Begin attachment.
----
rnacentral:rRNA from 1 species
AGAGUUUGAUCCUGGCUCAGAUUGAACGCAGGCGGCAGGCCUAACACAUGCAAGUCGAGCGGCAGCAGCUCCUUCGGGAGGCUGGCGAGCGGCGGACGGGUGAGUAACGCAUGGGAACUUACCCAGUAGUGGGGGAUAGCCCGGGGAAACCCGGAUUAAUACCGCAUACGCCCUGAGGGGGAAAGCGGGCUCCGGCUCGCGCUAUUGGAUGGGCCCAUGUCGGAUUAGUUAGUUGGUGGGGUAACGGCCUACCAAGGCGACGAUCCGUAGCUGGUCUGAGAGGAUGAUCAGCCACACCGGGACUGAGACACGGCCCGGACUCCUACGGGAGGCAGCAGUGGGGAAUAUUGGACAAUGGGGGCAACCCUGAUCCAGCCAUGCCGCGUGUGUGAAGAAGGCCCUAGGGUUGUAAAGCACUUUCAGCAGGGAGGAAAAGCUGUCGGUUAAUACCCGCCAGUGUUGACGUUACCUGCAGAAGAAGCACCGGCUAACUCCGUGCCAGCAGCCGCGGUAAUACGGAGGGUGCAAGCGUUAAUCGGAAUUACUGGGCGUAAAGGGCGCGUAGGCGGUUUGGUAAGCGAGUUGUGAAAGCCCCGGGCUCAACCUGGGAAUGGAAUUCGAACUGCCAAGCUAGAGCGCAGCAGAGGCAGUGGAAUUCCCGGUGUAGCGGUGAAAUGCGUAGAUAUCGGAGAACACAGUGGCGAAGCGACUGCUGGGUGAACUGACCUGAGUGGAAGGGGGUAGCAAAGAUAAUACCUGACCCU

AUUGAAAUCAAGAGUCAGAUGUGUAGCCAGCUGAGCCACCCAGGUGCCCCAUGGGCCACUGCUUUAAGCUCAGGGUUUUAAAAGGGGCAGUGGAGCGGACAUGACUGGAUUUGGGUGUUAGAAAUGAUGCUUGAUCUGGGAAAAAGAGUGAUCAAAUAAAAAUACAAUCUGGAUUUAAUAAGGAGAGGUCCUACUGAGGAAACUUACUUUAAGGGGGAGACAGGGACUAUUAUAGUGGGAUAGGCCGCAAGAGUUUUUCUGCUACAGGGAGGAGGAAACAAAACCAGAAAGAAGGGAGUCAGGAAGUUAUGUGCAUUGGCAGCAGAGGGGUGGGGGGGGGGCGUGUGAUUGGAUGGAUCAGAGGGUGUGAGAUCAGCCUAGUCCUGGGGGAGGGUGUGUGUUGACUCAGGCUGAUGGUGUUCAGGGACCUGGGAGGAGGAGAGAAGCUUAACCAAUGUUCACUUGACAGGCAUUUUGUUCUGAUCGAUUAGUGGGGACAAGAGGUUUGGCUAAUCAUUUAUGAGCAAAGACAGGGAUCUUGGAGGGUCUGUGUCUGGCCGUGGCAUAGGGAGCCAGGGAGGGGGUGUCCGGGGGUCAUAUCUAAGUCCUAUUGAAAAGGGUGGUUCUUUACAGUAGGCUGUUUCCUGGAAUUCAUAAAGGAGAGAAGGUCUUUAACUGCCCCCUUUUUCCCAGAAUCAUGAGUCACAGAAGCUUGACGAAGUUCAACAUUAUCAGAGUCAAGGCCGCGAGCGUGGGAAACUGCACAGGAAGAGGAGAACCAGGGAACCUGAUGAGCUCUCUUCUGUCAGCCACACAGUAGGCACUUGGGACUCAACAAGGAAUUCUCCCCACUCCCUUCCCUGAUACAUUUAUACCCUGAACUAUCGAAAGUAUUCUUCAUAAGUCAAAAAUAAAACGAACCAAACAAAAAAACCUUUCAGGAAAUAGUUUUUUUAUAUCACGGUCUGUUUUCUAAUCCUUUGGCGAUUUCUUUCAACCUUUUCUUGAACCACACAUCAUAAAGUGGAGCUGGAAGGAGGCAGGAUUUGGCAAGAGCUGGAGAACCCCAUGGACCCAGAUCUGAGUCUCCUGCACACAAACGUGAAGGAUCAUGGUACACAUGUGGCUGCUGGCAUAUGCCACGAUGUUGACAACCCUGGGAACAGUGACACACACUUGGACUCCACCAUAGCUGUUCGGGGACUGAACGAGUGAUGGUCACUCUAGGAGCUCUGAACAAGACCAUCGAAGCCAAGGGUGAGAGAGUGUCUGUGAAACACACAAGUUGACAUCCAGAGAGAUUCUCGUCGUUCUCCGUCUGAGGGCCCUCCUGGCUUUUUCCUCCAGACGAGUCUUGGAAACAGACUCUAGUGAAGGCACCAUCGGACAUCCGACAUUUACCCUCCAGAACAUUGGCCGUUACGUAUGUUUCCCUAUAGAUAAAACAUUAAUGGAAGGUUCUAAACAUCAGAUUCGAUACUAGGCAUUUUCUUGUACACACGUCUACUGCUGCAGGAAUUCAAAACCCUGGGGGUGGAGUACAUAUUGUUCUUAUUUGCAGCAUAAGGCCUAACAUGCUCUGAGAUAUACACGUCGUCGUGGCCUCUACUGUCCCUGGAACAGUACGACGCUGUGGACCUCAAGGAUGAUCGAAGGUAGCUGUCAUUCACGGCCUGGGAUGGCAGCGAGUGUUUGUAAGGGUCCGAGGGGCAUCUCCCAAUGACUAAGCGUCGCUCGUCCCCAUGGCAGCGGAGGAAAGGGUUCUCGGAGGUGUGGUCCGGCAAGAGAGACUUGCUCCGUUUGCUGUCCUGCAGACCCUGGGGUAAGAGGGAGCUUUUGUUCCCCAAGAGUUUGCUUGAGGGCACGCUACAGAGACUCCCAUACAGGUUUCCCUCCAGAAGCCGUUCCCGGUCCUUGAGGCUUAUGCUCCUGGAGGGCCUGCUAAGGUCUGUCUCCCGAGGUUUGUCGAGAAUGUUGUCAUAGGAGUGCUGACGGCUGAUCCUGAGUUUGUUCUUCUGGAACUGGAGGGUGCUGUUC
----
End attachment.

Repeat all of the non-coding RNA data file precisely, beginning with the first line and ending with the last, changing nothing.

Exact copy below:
rnacentral:rRNA from 1 species
AGAGUUUGAUCCUGGCUCAGAUUGAACGCAGGCGGCAGGCCUAACACAUGCAAGUCGAGCGGCAGCAGCUCCUUCGGGAGGCUGGCGAGCGGCGGACGGGUGAGUAACGCAUGGGAACUUACCCAGUAGUGGGGGAUAGCCCGGGGAAACCCGGAUUAAUACCGCAUACGCCCUGAGGGGGAAAGCGGGCUCCGGCUCGCGCUAUUGGAUGGGCCCAUGUCGGAUUAGUUAGUUGGUGGGGUAACGGCCUACCAAGGCGACGAUCCGUAGCUGGUCUGAGAGGAUGAUCAGCCACACCGGGACUGAGACACGGCCCGGACUCCUACGGGAGGCAGCAGUGGGGAAUAUUGGACAAUGGGGGCAACCCUGAUCCAGCCAUGCCGCGUGUGUGAAGAAGGCCCUAGGGUUGUAAAGCACUUUCAGCAGGGAGGAAAAGCUGUCGGUUAAUACCCGCCAGUGUUGACGUUACCUGCAGAAGAAGCACCGGCUAACUCCGUGCCAGCAGCCGCGGUAAUACGGAGGGUGCAAGCGUUAAUCGGAAUUACUGGGCGUAAAGGGCGCGUAGGCGGUUUGGUAAGCGAGUUGUGAAAGCCCCGGGCUCAACCUGGGAAUGGAAUUCGAACUGCCAAGCUAGAGCGCAGCAGAGGCAGUGGAAUUCCCGGUGUAGCGGUGAAAUGCGUAGAUAUCGGAGAACACAGUGGCGAAGCGACUGCUGGGUGAACUGACCUGAGUGGAAGGGGGUAGCAAAGAUAAUACCUGACCCU

AUUGAAAUCAAGAGUCAGAUGUGUAGCCAGCUGAGCCACCCAGGUGCCCCAUGGGCCACUGCUUUAAGCUCAGGGUUUUAAAAGGGGCAGUGGAGCGGACAUGACUGGAUUUGGGUGUUAGAAAUGAUGCUUGAUCUGGGAAAAAGAGUGAUCAAAUAAAAAUACAAUCUGGAUUUAAUAAGGAGAGGUCCUACUGAGGAAACUUACUUUAAGGGGGAGACAGGGACUAUUAUAGUGGGAUAGGCCGCAAGAGUUUUUCUGCUACAGGGAGGAGGAAACAAAACCAGAAAGAAGGGAGUCAGGAAGUUAUGUGCAUUGGCAGCAGAGGGGUGGGGGGGGGGCGUGUGAUUGGAUGGAUCAGAGGGUGUGAGAUCAGCCUAGUCCUGGGGGAGGGUGUGUGUUGACUCAGGCUGAUGGUGUUCAGGGACCUGGGAGGAGGAGAGAAGCUUAACCAAUGUUCACUUGACAGGCAUUUUGUUCUGAUCGAUUAGUGGGGACAAGAGGUUUGGCUAAUCAUUUAUGAGCAAAGACAGGGAUCUUGGAGGGUCUGUGUCUGGCCGUGGCAUAGGGAGCCAGGGAGGGGGUGUCCGGGGGUCAUAUCUAAGUCCUAUUGAAAAGGGUGGUUCUUUACAGUAGGCUGUUUCCUGGAAUUCAUAAAGGAGAGAAGGUCUUUAACUGCCCCCUUUUUCCCAGAAUCAUGAGUCACAGAAGCUUGACGAAGUUCAACAUUAUCAGAGUCAAGGCCGCGAGCGUGGGAAACUGCACAGGAAGAGGAGAACCAGGGAACCUGAUGAGCUCUCUUCUGUCAGCCACACAGUAGGCACUUGGGACUCAACAAGGAAUUCUCCCCACUCCCUUCCCUGAUACAUUUAUACCCUGAACUAUCGAAAGUAUUCUUCAUAAGUCAAAAAUAAAACGAACCAAACAAAAAAACCUUUCAGGAAAUAGUUUUUUUAUAUCACGGUCUGUUUUCUAAUCCUUUGGCGAUUUCUUUCAACCUUUUCUUGAACCACACAUCAUAAAGUGGAGCUGGAAGGAGGCAGGAUUUGGCAAGAGCUGGAGAACCCCAUGGACCCAGAUCUGAGUCUCCUGCACACAAACGUGAAGGAUCAUGGUACACAUGUGGCUGCUGGCAUAUGCCACGAUGUUGACAACCCUGGGAACAGUGACACACACUUGGACUCCACCAUAGCUGUUCGGGGACUGAACGAGUGAUGGUCACUCUAGGAGCUCUGAACAAGACCAUCGAAGCCAAGGGUGAGAGAGUGUCUGUGAAACACACAAGUUGACAUCCAGAGAGAUUCUCGUCGUUCUCCGUCUGAGGGCCCUCCUGGCUUUUUCCUCCAGACGAGUCUUGGAAACAGACUCUAGUGAAGGCACCAUCGGACAUCCGACAUUUACCCUCCAGAACAUUGGCCGUUACGUAUGUUUCCCUAUAGAUAAAACAUUAAUGGAAGGUUCUAAACAUCAGAUUCGAUACUAGGCAUUUUCUUGUACACACGUCUACUGCUGCAGGAAUUCAAAACCCUGGGGGUGGAGUACAUAUUGUUCUUAUUUGCAGCAUAAGGCCUAACAUGCUCUGAGAUAUACACGUCGUCGUGGCCUCUACUGUCCCUGGAACAGUACGACGCUGUGGACCUCAAGGAUGAUCGAAGGUAGCUGUCAUUCACGGCCUGGGAUGGCAGCGAGUGUUUGUAAGGGUCCGAGGGGCAUCUCCCAAUGACUAAGCGUCGCUCGUCCCCAUGGCAGCGGAGGAAAGGGUUCUCGGAGGUGUGGUCCGGCAAGAGAGACUUGCUCCGUUUGCUGUCCUGCAGACCCUGGGGUAAGAGGGAGCUUUUGUUCCCCAAGAGUUUGCUUGAGGGCACGCUACAGAGACUCCCAUACAGGUUUCCCUCCAGAAGCCGUUCCCGGUCCUUGAGGCUUAUGCUCCUGGAGGGCCUGCUAAGGUCUGUCUCCCGAGGUUUGUCGAGAAUGUUGUCAUAGGAGUGCUGACGGCUGAUCCUGAGUUUGUUCUUCUGGAACUGGAGGGUGCUGUUC